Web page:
So today I fell off a Lime.
Do you know what a Lime is? It’s a super fun and extremely convenient death trap.
Calendar-wise I’m 40. In looks, my 8 year-old students swear I couldn’t possibly be more than 32 (because 8 year olds are notoriously good at guessing age, right?). But at heart, I am mid-to-late teens, including all the good decision making power.
But it’s not fair! I was trying to make a good decision!
About two months ago, during rehearsals for the school play, I pulled something in my right calf muscle while teaching my students some “choreography” (more like “walking with flair”). Weirdly, I haven’t really bounced back from my injury as easily as I used to and my leg has been aching on and off ever since.
Sooooo, it seemed only reasonable that instead of walking home (15 whole minutes) I should save my leg the extra strain and hop on a random motorised Lime scooter, one of the dozens that popped up over night around my neighbourhood just a few months ago.
This was to be my 4th Lime ride. My experiences to that point had been mixed, but I did have one sweet morning ride that convinced me Lime could be a fantastic commuting option when time or laziness were pressing.
A vacant Lime sat awaiting me on the curb outside the bakery. I scanned the handle-bar QR code like a boss and the scooter sprang to life. Hopping on, I looked both ways like a good girl, then jammed my thumb down on the accelerator and buzzed away! Actually, I have a tendency to slow the scooters down by releasing the accelerator button, so it was more like lurched and jerked away.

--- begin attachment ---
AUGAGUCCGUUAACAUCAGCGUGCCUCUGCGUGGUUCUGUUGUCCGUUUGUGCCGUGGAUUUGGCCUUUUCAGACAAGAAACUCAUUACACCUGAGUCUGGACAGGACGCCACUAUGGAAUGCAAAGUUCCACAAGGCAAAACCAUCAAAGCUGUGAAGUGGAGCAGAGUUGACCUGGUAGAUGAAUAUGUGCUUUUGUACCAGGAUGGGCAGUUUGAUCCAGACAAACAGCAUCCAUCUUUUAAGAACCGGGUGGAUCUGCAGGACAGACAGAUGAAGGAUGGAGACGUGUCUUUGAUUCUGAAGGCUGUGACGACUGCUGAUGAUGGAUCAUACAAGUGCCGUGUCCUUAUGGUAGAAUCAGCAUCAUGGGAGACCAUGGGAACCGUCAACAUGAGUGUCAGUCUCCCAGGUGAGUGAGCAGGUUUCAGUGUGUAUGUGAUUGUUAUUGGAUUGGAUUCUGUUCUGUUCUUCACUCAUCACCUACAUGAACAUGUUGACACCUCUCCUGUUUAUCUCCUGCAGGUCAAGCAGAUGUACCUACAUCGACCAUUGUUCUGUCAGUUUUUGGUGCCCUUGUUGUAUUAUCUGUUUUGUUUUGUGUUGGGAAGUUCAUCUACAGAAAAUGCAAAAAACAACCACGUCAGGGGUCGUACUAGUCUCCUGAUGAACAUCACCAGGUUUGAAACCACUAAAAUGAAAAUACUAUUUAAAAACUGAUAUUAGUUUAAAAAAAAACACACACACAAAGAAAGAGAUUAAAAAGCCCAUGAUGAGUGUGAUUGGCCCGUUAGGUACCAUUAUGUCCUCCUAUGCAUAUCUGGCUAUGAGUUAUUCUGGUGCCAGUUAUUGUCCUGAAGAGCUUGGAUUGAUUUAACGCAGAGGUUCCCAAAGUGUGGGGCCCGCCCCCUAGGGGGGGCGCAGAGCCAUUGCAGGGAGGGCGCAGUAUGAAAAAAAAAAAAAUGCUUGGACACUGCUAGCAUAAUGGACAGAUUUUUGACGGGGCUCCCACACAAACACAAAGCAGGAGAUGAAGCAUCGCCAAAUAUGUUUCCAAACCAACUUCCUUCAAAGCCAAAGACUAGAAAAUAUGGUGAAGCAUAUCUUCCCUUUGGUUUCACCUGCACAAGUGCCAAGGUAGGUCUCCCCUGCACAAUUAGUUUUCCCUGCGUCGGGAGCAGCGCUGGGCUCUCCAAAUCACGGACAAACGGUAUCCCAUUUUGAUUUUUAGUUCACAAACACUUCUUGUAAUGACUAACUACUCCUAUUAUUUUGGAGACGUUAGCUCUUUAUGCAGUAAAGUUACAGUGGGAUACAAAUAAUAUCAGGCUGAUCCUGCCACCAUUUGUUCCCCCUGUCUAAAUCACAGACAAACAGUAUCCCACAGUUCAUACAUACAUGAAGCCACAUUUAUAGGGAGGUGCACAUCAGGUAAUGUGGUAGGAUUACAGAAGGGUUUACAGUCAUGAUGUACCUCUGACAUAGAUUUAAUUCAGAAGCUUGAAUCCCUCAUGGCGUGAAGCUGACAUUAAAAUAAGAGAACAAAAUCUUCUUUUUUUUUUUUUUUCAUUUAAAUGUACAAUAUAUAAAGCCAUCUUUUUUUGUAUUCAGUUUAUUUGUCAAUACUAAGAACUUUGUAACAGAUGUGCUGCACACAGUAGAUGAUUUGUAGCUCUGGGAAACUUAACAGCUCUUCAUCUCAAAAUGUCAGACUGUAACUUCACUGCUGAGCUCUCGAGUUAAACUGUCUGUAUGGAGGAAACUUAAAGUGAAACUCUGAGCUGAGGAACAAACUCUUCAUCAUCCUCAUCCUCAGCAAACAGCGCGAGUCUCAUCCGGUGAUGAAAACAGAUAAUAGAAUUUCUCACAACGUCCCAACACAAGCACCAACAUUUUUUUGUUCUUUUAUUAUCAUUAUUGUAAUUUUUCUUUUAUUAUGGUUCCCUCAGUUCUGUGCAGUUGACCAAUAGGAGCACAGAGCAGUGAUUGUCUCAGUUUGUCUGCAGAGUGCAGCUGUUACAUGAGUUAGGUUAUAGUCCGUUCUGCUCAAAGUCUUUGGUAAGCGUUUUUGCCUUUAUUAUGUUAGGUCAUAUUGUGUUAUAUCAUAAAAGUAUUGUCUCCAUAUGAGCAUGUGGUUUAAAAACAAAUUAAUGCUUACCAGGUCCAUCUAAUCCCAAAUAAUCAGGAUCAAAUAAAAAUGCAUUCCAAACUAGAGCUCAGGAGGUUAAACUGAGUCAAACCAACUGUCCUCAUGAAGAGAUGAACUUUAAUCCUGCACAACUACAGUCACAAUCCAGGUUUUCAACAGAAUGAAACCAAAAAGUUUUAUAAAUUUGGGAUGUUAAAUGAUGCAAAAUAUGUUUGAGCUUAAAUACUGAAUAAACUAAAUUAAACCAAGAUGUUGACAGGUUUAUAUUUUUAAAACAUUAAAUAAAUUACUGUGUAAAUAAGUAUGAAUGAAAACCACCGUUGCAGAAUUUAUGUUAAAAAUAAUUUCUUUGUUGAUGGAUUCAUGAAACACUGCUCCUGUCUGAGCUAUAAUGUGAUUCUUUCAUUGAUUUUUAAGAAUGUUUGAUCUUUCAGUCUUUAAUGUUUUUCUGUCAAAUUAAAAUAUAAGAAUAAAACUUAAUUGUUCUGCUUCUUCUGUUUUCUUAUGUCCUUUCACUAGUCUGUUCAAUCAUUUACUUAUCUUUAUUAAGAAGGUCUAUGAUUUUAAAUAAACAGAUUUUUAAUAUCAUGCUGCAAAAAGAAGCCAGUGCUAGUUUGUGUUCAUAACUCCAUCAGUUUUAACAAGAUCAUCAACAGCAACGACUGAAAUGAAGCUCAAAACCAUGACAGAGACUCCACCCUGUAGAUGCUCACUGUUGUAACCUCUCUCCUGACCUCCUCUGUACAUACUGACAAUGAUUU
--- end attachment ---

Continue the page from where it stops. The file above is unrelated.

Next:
My knowledge of Lime the company is not particularly deep, but from the Netflix documentary I saw about them, it’s my understanding that their business is somewhat controversial. I believe they first appeared on the boardwalks and city streets of Southern California to give cruising down the boulevard a whole new meaning. They are both loved for their breezy convenience and detested for their cluttering presence, low-to-zero safety measures and, in some cases, complete lack of municipal permission to do business at all. There are a lot of good reasons to hate Lime, but, y’know, I don’t know, they look so fun, and so convenient, it’s just short ride, who cares, what’s the big deal…?
Anyway, I coasted down the bike path and veered right down a quiet street. I was going pretty fast because I had the accelerator pushed all the way down and the road I was travelling was at a very slight downward slope. Did you know that the top speed of a Lime scooter is 24km/hr (14.8 miles/hr)? Me neither. And that’s just with battery power, not including the increased velocity generated by the slope. Wheee!
I whipped down the street, skillz-fully avoiding manhole covers, road cracks and open car doors. That’s when I saw the speed bump.